Hi LePhuronn :hello:  ...After eight days has gone past & no more posts have come up for the thread that I have started I have decided to give you the best answer to my question :)  ...Athough I was hoping for some more posts to help me out,no more have come forth :cry:  ...Anyway I have had not much experience at overclocking these core i7 & i5 LGA1156 socket pinset number processors,so I will have to do a little bit of research to find out the best way to go so as to not give an early death bed to my next core i7 760 processor when overclocking :pt1cable:  ...Like I thought I would be too late to buy a core i7 875k processor if I wait for too long & my prophecy has come true,I phoned up today & there are no more left :cry:  ...I phoned up 6 or more places & none to be seen :cry:  ...Maybe there is a moral to this story to be learned & that is don't wait for too long before buying if it is rare so I won't get burned :pt1cable:  ...
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February 16, 2011 11:55:28 AM

Best answer selected by Wish I Was Wealthy.
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February 16, 2011 4:02:25 PM

Thanks for the vote lol

Overclocking the first gen i7 isn't too hard.

In simple terms, it's really all down to the BCLK. Use this in conjunction with CPU multiplier to get CPU speed and memory multiplier to get memory speed.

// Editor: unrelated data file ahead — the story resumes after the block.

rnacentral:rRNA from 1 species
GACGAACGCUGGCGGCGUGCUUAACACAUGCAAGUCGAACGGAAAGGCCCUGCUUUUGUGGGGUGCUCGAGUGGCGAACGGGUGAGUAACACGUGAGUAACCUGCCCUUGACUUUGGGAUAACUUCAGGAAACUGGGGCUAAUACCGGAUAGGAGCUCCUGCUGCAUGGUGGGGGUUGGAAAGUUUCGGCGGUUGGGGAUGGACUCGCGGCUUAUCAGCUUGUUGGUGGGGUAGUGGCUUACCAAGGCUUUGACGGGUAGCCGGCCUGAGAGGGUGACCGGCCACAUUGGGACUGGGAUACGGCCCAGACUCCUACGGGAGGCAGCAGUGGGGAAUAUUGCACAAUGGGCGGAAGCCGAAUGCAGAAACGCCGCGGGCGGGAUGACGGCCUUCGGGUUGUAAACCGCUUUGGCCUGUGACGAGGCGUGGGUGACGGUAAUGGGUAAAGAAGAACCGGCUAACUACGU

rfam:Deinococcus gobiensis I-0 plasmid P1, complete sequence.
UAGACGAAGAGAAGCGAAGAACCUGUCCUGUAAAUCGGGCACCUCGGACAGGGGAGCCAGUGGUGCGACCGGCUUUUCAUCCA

So, for example, BCLK 200, CPU multi 20 and memory multi 8 will give you 4GHz CPU and 1600MHz RAM.

There are some things you need to be aware of, like QPI frequency must be a minimum multiple of the memory frequency, and of course only Extreme Edition or K-series CPUs have an unlocked multiplier so you can only change it down, but I'll leave you to do that research.

Here's a start for you: http://www.clunk.org.uk/forums/overclocking/22106-core-...

You may also need to look into CPU voltage if you're gonna push your OC really high, or run as frugally as you can.

I didn't have too much of a problem - I was very behind the times when I built my first Core i7 920 rig and had NEVER done any overclocking before, but cranked it up to 3.6GHz in about half hour of fiddling (and was stable), and after a bit more in-depth reading hit the magical 4GHz stable (but a bit warm) on about 1.23v.
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February 17, 2011 1:42:39 AM

LePhuronn said:
Thanks for the vote lol

Overclocking the first gen i7 isn't too hard.

In simple terms, it's really all down to the BCLK. Use this in conjunction with CPU multiplier to get CPU speed and memory multiplier to get memory speed.

So, for example, BCLK 200, CPU multi 20 and memory multi 8 will give you 4GHz CPU and 1600MHz RAM.